11 Mar 2021

Bill introduced in Congress to prime digital assets for regulation

Momentum builds for ‘fragmented and confusing regulatory environment’ for cryptoassets in US to be addressed

By Roman Edwards

Orhan Cam; Shutterstock

A bipartisan group of US lawmakers has introduced a bill in Congress to form a committee to recommend updates to the regulation of digital assets.

The envisaged working group would consist of industry specialists alongside representatives from both the Securities Exchange Commission (SEC) and the Commodity Futures Trading Commission (CFTC).

Together they would consolidate and consider the efficacy of existing regulation and ultimately decide whether individual digital assets should be governed by either the SEC or the CFTC, as securities or commodities respectively.

If the bill were to pass into law, the group would be convened within 90 days and instructed to publish an in-depth report in a year’s time.

The move comes as the appointment of former CFTC chair Gary Gensler as SEC chair, coupled with the widely anticipated choice of cryptocurrency expert Chris Brummer of Georgetown University as the CFTC’s next leader, fuels expectations digital assets are set to become more tightly regulated in the US.

Ashley Ebersole, former SEC attorney and partner at Bryan Cave, said: “The confluence of a new SEC chairman who’s well versed in digital assets, a rumored new CFTC chairman who is very FinTech forward and potential congressional action that requires the agencies to work with industry on a report outlining measures to ensure the US remains competitive globally in the digital asset space means 2021 could be the year initial steps are taken toward clear regulation.”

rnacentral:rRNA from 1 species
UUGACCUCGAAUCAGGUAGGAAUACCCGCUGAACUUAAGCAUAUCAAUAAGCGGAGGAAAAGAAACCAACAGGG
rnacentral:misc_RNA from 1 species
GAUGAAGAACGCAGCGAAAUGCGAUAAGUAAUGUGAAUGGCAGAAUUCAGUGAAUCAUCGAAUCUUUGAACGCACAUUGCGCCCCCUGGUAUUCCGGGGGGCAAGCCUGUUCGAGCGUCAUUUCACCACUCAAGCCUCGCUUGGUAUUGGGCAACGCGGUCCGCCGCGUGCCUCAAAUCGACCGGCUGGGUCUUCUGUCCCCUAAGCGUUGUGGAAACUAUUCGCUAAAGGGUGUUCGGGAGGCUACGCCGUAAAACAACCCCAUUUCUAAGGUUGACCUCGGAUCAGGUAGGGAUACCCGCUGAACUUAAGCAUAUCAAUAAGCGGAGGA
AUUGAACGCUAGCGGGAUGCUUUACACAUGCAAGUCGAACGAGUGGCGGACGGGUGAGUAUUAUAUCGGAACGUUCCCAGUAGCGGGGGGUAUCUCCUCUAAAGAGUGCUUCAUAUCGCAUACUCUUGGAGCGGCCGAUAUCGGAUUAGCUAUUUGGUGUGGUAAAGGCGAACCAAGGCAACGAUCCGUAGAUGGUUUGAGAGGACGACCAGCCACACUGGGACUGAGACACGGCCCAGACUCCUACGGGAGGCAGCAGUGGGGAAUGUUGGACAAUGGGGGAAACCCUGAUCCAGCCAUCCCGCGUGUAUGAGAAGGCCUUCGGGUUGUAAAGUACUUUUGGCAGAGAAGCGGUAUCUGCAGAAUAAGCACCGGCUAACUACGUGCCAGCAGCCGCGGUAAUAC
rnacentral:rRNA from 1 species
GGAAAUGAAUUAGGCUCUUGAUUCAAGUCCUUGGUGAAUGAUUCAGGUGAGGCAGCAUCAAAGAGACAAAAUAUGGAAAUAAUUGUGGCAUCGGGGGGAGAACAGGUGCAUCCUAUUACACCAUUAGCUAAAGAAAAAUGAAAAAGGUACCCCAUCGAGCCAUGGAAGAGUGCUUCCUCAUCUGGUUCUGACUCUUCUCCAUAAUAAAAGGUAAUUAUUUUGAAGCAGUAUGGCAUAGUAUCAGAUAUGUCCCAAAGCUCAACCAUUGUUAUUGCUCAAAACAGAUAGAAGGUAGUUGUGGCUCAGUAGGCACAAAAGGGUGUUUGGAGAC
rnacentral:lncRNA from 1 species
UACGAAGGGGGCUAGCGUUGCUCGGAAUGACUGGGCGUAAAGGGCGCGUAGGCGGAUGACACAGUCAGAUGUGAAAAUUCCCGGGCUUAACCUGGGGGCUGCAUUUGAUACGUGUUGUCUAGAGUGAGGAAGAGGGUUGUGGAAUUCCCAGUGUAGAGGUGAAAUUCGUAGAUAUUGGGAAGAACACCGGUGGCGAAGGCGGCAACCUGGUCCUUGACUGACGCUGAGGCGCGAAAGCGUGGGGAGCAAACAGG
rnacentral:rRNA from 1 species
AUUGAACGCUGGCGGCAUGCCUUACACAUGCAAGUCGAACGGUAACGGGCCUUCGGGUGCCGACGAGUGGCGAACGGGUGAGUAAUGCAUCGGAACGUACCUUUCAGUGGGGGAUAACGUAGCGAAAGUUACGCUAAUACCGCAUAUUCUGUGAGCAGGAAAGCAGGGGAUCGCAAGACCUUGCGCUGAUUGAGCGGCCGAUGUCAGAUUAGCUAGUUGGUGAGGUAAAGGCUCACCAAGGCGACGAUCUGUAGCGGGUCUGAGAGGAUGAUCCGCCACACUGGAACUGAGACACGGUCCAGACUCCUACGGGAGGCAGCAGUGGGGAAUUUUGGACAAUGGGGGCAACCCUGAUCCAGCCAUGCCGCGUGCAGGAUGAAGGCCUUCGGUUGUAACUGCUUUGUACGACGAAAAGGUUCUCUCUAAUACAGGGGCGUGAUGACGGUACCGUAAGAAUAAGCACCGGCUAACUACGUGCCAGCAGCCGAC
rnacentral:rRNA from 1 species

Amy Davine Kim, chief policy officer at the Chamber of Digital Commerce, added: “The United States can no longer do nothing. For more than a decade, despite good intentions, the industry has operated in an opaque, fragmented and confusing regulatory environment with respect to standards for custody, private key management, cybersecurity, business continuity and registration and reporting requirements, to name a few.”

At present, there are taxonomical dilemmas over recently-invented cryptoassets that inhibit regulation, even as disputes reach the courts. The digital assets committee would be briefed to examine issues around private key management, cybersecurity and custody of digital assets, with a view to making recommendations for augmenting regulation. The efficiency of and possible improvements to primary and secondary digital asset markets would also be a key focus, with customer protection a priority.

Globally, pressure is growing to improve the regulation of digital assets, with cryptocurrencies looking like the most immediate target. 

In November 2019, a legal taskforce set up by the UK government published a legal statement that set out to clarify key issues including ownership and transfer of crypto assets and whether they should be treated as a property or goods. 

The statement’s "overarching conclusion", according to an analysis by Gowling WLG, “was that English common law is well able to deal with and adapt to technological developments and has a strong track record of responding flexibly to new commercial mechanisms, which makes it the perfect 'home' for transactions involving these technologies, and related disputes.”

The statement was referred to in a landmark New Zealand judgment last summer, in a dispute that arose following the collapse of the New Zealand cryptocurrency trading exchange Cryptopia, which determined that cryptocurrencies were ‘property’ and capable of being held on trust.

Last month, New York’s attorney general Letitia James announced a settlement with cryptocurrency Tether and exchange Bitfinex in which they agreed to pay an $18.5m penalty without admitting wrongdoing. The settlement alleged Bitfinex had covered up the loss in 2018 of around $850m held at a Panama-based entity and made up the shortfall by “transferring hundreds of millions of dollars from Tether.” The groups have also been barred from operating in New York.

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